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August 20, 2014

Wireless Charging Company Partners with Semiconductor Supplier

A wireless charging development company announced this week a new partnership with a semiconductor supplier that will make it possible to create new device designs and further test the desire for such products in the overall market.

Energous Corporation is the creator of the WattUp wireless charging technology that uses radio signals to charge devices in a manner similar to accessing Wi-Fi.

Devices capable of interfacing with the WattUp technology can move about specific areas within reach of the radio waves and charge themselves as they continue to operate.

The technology is still in its infancy, so Energous has partnered with Dailog Semiconductor to develop proof-of-concept designs that will show the capability of wireless charging in the real world.

In the official announcement, Stephen R. Rizzone, CEO of Energous Corporation, commented on the partnership and the changes that may take place in the electronics market as wireless charging becomes  prevalent.

"Our collaboration with Dialog Semiconductor will provide consumer electronics manufacturers with a superior technology that will differentiate their products with the freedom of charging without wires," Rizzone said. "By optimizing WattUp with Dialog's SmartBond connectivity and power management technology, OEMs will be able to seamlessly and rapidly integrate wire-free charging and remote management right into their devices."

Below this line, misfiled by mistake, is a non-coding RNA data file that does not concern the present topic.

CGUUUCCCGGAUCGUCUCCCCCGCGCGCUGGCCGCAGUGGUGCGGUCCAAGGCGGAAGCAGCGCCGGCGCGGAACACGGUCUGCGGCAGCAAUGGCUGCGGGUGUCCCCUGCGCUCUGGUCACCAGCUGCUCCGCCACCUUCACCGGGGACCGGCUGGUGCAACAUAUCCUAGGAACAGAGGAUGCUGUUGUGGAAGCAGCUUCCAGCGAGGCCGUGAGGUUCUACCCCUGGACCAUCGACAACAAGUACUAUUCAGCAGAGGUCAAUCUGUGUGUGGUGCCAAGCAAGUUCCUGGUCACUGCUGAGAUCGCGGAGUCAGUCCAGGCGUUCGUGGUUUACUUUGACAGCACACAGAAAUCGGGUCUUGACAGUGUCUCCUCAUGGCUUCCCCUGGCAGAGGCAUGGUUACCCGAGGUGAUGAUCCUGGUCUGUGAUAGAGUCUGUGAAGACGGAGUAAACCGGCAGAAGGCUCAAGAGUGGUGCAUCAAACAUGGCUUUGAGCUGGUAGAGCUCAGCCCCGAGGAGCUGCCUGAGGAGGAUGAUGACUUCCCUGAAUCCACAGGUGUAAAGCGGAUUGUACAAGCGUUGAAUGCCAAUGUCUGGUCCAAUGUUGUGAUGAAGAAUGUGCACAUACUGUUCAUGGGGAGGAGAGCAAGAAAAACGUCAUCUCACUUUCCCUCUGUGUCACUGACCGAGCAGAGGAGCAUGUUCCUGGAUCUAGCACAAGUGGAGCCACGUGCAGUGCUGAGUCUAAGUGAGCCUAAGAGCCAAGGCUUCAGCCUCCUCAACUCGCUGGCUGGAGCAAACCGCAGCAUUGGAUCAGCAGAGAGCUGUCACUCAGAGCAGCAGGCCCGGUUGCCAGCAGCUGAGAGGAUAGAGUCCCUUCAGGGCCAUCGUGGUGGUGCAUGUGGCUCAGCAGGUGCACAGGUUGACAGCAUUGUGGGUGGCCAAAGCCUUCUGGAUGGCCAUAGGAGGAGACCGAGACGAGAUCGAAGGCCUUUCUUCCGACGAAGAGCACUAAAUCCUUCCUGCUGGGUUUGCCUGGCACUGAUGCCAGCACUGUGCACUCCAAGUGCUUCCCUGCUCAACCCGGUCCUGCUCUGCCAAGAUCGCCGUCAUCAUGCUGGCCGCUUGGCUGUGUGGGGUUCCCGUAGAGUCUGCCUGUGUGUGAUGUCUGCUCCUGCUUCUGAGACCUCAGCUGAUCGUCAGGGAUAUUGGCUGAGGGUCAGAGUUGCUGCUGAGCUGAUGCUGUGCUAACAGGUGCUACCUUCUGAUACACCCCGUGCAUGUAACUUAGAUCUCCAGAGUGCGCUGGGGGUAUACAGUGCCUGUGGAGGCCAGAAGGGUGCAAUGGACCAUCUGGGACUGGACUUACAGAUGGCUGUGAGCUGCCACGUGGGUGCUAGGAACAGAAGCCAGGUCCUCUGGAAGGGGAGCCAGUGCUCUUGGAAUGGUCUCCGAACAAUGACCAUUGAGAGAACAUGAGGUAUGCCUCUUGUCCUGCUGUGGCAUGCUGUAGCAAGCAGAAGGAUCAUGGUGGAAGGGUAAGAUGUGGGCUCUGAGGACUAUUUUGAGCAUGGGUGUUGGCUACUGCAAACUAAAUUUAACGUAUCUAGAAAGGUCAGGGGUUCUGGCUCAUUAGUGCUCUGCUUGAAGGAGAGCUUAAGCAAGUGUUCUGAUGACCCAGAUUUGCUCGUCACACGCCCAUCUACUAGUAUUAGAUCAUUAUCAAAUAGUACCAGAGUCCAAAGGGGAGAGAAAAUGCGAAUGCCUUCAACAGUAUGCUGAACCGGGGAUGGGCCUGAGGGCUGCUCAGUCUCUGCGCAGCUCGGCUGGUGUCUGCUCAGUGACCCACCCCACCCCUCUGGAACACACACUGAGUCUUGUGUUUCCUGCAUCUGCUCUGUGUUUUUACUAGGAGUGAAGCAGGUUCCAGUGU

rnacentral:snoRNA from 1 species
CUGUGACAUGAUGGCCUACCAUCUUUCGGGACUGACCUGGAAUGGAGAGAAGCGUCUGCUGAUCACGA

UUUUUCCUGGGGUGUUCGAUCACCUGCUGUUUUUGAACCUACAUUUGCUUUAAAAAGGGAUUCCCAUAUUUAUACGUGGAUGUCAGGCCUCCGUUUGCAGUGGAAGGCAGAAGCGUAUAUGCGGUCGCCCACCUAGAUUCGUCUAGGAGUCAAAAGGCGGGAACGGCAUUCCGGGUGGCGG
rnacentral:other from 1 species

The Energous website describes the previous incarnation of wireless charging -- stationary charging mats -- as a useful technology, but it was also one that required users to give up access to their devices. Charging mats do not require wired connections; they do, however, require that devices be placed on top of them in order to charge.

WattUp is different because it allows charging through the air. "WattUp gives you complete freedom to roam the room while still receiving power to your device," the website says. It continues by listing the types of different devices that can benefit from wireless charging. Everything from mobile phones to medical wearables can potentially receive charging from radio waves as simply as devices now receive WiFi connections.

Obviously, this technology will require cooperation on the part of device makers. That is where Dialog comes in. Its Bluetooth-enabled integrated circuits can harvest energy from the radio waves that a WattUp transmitter can send out. Together, the companies will be able to demonstrate the link between radio transmission to energy harvesting and provide real-life examples of working, self-charging devices to mobile device manufacturers and OEMs.

Edited by Stefania Viscusi

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